A Baboon Study Remembered
By NYTimes Editorial
Published: July 4th, 2009
While thinking about the recent changes in this country, I recalled an article by Robert M. Sapolsky (in Foreign Affairs, January 2006), who lived for a while among a troop of baboons in the wild, and witnessed a remarkable transformation.
Forest Troop was initially composed of a regular mixture of baboons: gentle ones, mean ones, and a few in-between. One day, a nearby hotel expanded its garbage dump, and another troop of baboons claimed the dump as territory and primary food source. Forest Troop’s meaner males (let’s call them Clique W) decided they would raid this exciting new resource, even if that meant beating up a number of the newly obese males from the garbage dump troop.
After feasting on the other troop’s half-rotten hamburgers for a while, Clique W got what was coming to them and died of food-borne tuberculosis. All that remained in Forest Troop were females and nice males. And even today, fifteen years after all the original docile males died of old age, Forest Troop remains a gentle culture, much more welcoming to new members, with a lot less fighting and a lot more cooperation, and a lot more playing with each other’s hair, even among adult males. And new members quickly learn that things are different in Forest Troop.
Until very recently, we in this country couldn’t imagine life without the aggressive baboons who, by hook and by crook (mostly by crook), were dominating our politics. But then one day, those baboons ate out of the garbage dump of a deeply mad foreign policy, and quickly killed themselves off.
We are not baboons, of course. For one thing, no microbes killed off our jerks; rather, we nicer folks did it. For another, the resource-hunting adventures of our own hostile males didn’t result in just a few dinged-up fat guys, but rather one million dead and four and a half million refugees.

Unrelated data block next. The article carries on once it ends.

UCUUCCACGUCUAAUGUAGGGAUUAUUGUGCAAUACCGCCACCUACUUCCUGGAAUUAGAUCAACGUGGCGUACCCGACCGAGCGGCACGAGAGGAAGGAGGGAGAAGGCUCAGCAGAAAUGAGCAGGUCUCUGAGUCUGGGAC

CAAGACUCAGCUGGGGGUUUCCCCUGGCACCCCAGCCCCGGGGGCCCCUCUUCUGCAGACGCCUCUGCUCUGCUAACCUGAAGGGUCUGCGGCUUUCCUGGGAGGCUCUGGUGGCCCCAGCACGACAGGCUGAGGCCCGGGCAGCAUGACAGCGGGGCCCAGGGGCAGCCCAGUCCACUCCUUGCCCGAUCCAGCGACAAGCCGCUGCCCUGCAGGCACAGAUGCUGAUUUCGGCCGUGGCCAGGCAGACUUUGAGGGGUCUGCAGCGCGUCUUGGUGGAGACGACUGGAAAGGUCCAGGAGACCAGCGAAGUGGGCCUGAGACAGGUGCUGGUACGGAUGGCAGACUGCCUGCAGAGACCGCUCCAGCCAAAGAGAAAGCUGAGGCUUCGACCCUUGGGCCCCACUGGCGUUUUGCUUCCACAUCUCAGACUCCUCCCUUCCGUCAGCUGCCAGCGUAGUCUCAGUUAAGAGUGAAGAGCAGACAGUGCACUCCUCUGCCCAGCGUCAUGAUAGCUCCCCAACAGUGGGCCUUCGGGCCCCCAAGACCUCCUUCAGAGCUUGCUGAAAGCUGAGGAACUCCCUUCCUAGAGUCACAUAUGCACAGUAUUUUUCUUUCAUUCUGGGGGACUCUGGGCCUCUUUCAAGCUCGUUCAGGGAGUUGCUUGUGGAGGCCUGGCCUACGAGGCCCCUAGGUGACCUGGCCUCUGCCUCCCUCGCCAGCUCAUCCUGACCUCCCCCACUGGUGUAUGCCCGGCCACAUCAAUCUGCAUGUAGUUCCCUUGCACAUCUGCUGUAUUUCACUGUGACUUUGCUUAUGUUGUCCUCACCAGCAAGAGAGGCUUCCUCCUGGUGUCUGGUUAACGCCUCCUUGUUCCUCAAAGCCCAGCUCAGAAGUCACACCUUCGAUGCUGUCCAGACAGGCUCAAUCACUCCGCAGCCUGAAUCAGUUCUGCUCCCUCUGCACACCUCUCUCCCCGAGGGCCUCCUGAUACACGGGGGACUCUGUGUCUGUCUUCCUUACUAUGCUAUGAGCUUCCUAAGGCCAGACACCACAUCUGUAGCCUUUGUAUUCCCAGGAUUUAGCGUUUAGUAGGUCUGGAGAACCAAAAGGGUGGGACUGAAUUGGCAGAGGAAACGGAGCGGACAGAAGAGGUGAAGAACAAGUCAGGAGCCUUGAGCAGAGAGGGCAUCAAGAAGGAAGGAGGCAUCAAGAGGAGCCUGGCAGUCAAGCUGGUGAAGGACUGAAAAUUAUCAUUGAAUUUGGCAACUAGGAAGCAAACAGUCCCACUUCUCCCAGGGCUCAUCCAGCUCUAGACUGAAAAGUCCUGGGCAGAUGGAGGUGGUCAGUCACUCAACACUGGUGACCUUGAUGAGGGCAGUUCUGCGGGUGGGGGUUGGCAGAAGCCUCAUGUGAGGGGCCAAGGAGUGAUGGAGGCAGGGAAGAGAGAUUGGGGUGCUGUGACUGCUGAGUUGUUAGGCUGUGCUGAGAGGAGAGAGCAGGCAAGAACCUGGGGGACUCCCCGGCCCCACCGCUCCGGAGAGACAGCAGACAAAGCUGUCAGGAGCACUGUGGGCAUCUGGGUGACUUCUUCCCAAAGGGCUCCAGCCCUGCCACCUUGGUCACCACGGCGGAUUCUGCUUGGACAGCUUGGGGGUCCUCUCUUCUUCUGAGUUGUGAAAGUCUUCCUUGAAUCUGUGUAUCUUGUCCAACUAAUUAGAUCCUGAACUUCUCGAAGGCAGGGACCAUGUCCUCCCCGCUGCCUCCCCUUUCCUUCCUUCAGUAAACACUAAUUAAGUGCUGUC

Another key difference between us and Forest Troop may be that in our case, it wasn’t enough to rid ourselves of some of the creep baboons at the top. A lot of the supposedly gentler ones voted for war as well. Rather, right after the elections, and for many months after, we had to keep pushing with all our might to make sure that everyone, at all levels of power, understood that America would now be a culture of peace and generosity.
Fortunately, that’s just what we did. And though human nature hasn’t changed, nor the nature of politics, we’ve made our desires so clear that there is now no more room in Forest Troop U.S.A. for the garbage adventuring that dominated our last thirty years.
11 Comments so far ...
1. Not Angier
Just how much cultural isolation is needed for an alternative, less aggressive cultural paradigm to persist in the face of newly arriving memes of aggression?
The story of Forest Troop may be inspiring, but I wonder if its lesson is that in order to persist, peaceable cultures must innoculate themselves from aggression, either by a level of cultural isolation that’s impossible in modern human society, or by the periodic and tragic culling (or incarceration) of the ever-arising clique-Ws.